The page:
A Brief History of Windhoek

    Situated within a basin surrounded by the Khomas Highland, Auas and Eros Mountains, Windhoek is Namibia’s well-known capital, located in the country’s epicentre. The city currently hosts approximately two hundred thousand people and is a thriving cultural and historical hub, growing at an exponential rate. No train trip to Namibia is complete without a stop in the fascinating country’s bustling capital. Characterised by distinctive German style buildings and an alluring cleanliness, the metropolis boasts a number of attractions indicative of its somewhat turbulent and varied past. Cultural and historical enthusiasts should prioritise a visit to the Christuskirche (Christ Church), Tintenpalast (Parliament Buildings) and Alte Feste Fort, which was once the stronghold of the German colonialists and, today, somewhat ironically, houses a museum championing Namibian independence efforts.

    In 1884, a declaration of a German protectorate over German South-West Africa was issued. This resulted in a German colony being established which retained its power up until World War One, when South African troops marched into Windhoek and claimed the area on behalf of Britain. Development of the city was largely halted during this period, up until after World War Two when the expansion efforts were once again resumed. Namibia gained independence from South Africa in 1990, and the South African government recognised Windhoek as the nation’s capital.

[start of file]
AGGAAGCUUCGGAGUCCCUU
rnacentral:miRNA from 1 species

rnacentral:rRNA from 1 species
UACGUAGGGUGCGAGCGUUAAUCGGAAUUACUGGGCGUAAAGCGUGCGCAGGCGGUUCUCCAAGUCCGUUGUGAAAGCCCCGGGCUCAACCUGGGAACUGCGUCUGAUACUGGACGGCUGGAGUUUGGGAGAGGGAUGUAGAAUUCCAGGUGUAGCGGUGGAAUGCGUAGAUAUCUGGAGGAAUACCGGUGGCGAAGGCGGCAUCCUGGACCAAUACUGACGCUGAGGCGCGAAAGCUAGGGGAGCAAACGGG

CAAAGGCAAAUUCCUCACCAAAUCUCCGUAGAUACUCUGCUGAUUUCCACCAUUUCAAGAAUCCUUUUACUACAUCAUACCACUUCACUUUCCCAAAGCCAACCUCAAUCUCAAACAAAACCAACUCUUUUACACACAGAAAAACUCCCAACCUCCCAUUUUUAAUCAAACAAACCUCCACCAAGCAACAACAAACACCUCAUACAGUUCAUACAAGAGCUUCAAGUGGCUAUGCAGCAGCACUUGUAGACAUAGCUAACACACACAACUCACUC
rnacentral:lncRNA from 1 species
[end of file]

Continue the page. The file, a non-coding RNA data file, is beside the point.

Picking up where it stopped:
Ethnic names for the city translate to ‘firewater’ and ‘place of steam’ in reference to the gurgling hot water springs located in the area. ‘Windhoek’ means ‘windy corner’ and it is not certain how this name came into being – some suggest that it’s a deviation of the name ‘Winterhoek,’ bestowed on the region by a Nama leader called Jonker Afrikaner. Today the area is a multicultural melting pot, with evidence of its German past still tangible in the wealth of German citizens and restaurants located in the vicinity. That said, the city has a culture all of its own, perhaps best exemplified in its home-brewed beer and outstanding meat products. It bustles with innovative, new businesses and is the country’s commercial and business hub.